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Healthy Chocolate: Fact or Fiction?

Antioxidants. That one beautiful word has brought joy to chocolate-lovers around the world. Antioxidants protect our bodies from harmful free radicals, and chocolate contains antioxidants. I know what you’re thinking, “Bring on the candy bars!” But before you get carried away, we need to remember a couple of things — moderation and quality.

Health Benefits of Chocolate

Chocolate is made from cocoa beans, which contain flavanols. Flavanols work as an antioxidant to reduce cell damage, lower blood pressure and improve blood flow. Several studies have indicated that flavanols can improve heart health and brain function. Flavanols are a form of flavanoid.

Even though there are health benefits to chocolate, eating too much can harm your health — and your waistline. To get the most benefit, stick to 1½ ounces a few times a week.

Not All Chocolates Are the Same

The first place to start in your “healthy chocolate journey,” is to understand which types of chocolate contain the most antioxidant power.

  • Dark – Dark chocolate has more flavonoids and antioxidants than other types of chocolate.
  • Milk – Milk chocolate has a higher fat content than dark and two to four times less flavonoids and antioxidants.
  • White – White chocolate contains no cocoa and has the most sugar. Since cocoa is where all the antioxidant power comes in, white chocolate is a big miss.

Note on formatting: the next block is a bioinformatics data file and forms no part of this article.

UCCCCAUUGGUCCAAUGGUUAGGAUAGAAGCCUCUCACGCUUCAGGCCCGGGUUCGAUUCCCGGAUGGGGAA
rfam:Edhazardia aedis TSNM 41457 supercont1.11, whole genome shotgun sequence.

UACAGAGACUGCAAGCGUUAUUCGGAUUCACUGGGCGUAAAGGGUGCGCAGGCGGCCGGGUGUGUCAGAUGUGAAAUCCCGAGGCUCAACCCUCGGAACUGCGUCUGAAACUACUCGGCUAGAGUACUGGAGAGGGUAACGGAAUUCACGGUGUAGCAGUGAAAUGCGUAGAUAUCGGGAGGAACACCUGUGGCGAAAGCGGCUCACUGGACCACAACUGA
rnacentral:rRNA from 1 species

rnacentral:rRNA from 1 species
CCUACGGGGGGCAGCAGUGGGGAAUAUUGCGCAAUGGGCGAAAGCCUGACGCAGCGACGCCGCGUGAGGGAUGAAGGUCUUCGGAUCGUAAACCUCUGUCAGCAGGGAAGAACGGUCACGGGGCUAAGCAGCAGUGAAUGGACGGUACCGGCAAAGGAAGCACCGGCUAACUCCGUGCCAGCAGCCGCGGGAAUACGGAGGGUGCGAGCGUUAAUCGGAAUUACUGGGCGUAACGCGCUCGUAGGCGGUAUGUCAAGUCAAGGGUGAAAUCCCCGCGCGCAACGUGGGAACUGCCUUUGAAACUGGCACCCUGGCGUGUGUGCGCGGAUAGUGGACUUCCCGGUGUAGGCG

What to Look for In Dark Chocolate

The healthiest chocolate choices:

  • Are at least 70 percent cocoa (the higher the percentage, the more antioxidant power)
  • Have cocoa (or some form of cocoa) listed as the first ingredient
  • Are organic (to be sure they don’t contain pesticides)
  • Have as few ingredients as possible

Avoid Chocolate Pitfalls

Knowing what should not be in your candy bar is also important. There are ingredients and processing techniques that can rob you of the health benefits chocolate has to offer. Take a look at the list below to see what you need to be watching for on your candy label.

Alkalization or Dutching

This is a process used to make chocolate taste less bitter. Unfortunately, it also removes antioxidants. If you see the word “alkali” on the label, set the bar down and keep looking.


A lot of chocolates are flavored with spices, extracts and oils to enhance the flavor. As long as the flavor comes from natural sources, this isn’t a problem. Choosing organic chocolate is a simple way to ensure you’re not getting artificial flavoring.


There shouldn’t be milk added to dark chocolate, except possibly milk fat.


Sugar is added to most dark chocolate, but the amount of sugar varies widely. The further down sugar appears on the ingredients list, the better.

Trans fats

Trans fats are bad for your heart, which completely contradicts the health benefits of chocolate. If your bar contains trans fats (look for hydrogenated or partially hydrogenated oil in the ingredients), drop the bar and run.

Curious about chocolate’s effect on your heart? An OhioHealth heart doc weighs in.